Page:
The healths of four hunger-striking Palestinian prisoners were seriously deteriorating, Palestinian Committee of Prisoners’ Affairs Issa Qaraqe said on Sunday.
Qaraqe told Mawtini radio station that Palestinian prisoners Anas Ibrahim Shadid and Ahmad Abu Farah, who have been on hunger strike for 37 days, were now being held in Ramla prison hospital after their conditions severely deteriorated.
Qaraqe added that two other hunger-striking prisoners, identified as Hassan Rabayaa and Majd Abu Shamla, were transferred to solitary confinement in the Ela detention center after their healths worsened 26 days into their hunger strikes.
Meanwhile, fellow Palestinian prisoner Musaab Manasra, who has been on hunger strike for five days, was also transferred to solitary confinement in Ela. Israeli Prison Service (IPS) officials routinely place Palestinian hunger strikers into solitary confinement in an effort to exert pressure on the detainees to end their strikes.
Qaraqe said that Munther Snawbar and Samer al-Issawi, who are both being held in Nafha prison, also started open-ended hunger strikes six days ago. Snawbar and al-Issawi launched their hunger strikes to obtain the end of the mistreatment of Palestinian female prisoners in Israeli custody, access to medical care for sick prisoners, and the reinstatement of family visitations for all Palestinian prisoners.
Qaraqe added that prisoner Yousif Abu al-Saed had ended his hunger strike after Israeli authorities accepted his demands and transferred him from Ashkelon prison to Gilboa. IPS authorities have also regularly used raids, confiscation of personal belongings, and forcible prison transfers to pressure Palestinian prisoners to end their hunger strikes, most notably this summer when a large-scale solidarity movement formed in support of a number of high-profile, hunger-striking prisoners denouncing being held in administrative detention — internment without trial or charges.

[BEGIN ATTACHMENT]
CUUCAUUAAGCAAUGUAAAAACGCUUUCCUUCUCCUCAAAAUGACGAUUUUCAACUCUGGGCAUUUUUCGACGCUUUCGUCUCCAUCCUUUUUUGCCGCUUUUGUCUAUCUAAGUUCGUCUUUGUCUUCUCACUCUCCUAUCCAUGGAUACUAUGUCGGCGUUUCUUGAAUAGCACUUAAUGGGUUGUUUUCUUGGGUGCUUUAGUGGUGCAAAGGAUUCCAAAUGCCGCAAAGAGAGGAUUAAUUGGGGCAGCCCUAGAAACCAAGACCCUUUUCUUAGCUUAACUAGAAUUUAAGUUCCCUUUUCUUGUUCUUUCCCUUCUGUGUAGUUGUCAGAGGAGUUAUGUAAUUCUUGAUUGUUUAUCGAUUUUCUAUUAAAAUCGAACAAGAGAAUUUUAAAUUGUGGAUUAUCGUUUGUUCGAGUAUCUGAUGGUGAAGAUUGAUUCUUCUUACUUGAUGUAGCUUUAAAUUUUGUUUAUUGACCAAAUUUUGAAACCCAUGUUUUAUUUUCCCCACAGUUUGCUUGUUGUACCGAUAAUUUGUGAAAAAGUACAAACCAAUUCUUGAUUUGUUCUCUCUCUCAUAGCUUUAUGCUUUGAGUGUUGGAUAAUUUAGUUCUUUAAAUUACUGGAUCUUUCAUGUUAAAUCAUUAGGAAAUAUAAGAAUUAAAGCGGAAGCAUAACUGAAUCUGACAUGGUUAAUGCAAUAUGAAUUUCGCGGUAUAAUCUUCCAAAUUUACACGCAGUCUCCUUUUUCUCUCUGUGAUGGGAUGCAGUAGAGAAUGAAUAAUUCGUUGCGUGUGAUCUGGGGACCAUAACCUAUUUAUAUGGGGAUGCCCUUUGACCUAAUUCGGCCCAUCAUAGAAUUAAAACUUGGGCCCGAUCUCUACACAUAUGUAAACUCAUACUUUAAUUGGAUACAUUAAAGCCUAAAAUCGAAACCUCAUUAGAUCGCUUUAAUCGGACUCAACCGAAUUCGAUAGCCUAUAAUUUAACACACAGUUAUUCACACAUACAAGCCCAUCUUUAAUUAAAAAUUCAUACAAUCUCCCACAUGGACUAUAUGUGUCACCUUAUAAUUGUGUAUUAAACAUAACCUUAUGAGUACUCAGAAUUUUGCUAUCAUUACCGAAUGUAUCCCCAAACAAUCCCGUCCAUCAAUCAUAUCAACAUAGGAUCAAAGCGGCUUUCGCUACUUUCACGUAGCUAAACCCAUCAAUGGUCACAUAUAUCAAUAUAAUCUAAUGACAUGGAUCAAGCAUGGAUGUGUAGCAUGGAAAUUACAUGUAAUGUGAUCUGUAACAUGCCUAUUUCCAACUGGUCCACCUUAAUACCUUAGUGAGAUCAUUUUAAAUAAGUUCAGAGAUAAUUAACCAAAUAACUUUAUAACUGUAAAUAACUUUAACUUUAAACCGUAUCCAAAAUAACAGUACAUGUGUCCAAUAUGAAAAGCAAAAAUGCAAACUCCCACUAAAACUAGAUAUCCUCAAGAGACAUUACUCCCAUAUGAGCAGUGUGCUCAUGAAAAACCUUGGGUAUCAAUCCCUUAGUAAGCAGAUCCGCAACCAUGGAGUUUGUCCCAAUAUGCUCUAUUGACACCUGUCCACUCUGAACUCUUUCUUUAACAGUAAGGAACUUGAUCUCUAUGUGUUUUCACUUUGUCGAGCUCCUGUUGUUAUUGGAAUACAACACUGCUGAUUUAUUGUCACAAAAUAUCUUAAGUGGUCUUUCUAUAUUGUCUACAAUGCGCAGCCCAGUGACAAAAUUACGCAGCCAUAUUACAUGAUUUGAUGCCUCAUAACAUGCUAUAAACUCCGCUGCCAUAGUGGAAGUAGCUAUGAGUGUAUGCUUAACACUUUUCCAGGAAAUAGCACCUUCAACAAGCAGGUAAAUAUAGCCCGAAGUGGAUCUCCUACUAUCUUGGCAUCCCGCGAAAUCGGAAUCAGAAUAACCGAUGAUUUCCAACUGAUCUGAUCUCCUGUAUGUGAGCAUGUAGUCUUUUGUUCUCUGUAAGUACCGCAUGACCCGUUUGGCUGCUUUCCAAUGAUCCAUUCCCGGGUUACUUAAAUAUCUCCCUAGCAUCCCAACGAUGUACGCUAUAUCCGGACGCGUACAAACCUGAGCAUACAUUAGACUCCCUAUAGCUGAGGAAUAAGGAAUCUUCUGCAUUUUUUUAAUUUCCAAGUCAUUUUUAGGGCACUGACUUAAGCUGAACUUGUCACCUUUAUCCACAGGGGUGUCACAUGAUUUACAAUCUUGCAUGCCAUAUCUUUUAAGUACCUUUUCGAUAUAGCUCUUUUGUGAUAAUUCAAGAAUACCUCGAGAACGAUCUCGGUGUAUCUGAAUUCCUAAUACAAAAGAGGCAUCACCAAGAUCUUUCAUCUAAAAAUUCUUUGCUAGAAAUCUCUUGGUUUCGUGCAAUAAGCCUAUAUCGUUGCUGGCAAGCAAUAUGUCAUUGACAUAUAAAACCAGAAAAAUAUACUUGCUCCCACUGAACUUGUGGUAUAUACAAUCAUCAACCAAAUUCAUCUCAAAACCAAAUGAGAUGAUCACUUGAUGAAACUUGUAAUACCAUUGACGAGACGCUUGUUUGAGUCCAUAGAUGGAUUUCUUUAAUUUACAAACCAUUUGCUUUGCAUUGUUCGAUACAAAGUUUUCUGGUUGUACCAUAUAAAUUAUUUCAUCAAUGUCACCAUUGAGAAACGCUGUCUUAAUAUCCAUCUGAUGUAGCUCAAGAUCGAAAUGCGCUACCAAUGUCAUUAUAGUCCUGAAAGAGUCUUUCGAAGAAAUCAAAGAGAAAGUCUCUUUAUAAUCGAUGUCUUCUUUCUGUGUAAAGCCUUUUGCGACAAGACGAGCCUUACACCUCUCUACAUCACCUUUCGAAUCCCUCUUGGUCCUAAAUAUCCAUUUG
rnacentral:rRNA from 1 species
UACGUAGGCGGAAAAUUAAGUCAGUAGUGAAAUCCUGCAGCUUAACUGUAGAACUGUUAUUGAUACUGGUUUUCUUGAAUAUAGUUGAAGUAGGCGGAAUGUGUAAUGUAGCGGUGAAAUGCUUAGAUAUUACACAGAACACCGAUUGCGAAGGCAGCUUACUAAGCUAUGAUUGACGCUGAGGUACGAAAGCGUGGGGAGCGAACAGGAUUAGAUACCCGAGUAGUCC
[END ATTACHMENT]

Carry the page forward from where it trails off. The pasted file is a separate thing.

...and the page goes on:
Scores of Palestinian prisoners have launched hunger strikes in the past year to protest administrative detention or the conditions of their incarceration.
The most prominent hunger strikers included Muhammad al-Qiq, Bilal Kayid, and Muhammad and Mahmoud Balboul.Although Israeli authorities claim the withholding of evidence during administrative detention is essential for state security concerns, rights groups have instead claimed the policy allows Israeli authorities to hold Palestinians for an indefinite period of time without showing any evidence that could justify their detentions.
Rights groups have also claimed that Israel’s administrative detention policy has been used as an attempt to disrupt Palestinian political and social processes, notably targeting Palestinian politicians, activists, students, and journalists.According to Addameer, 7,000 Palestinians were being held in Israeli prisons as of August.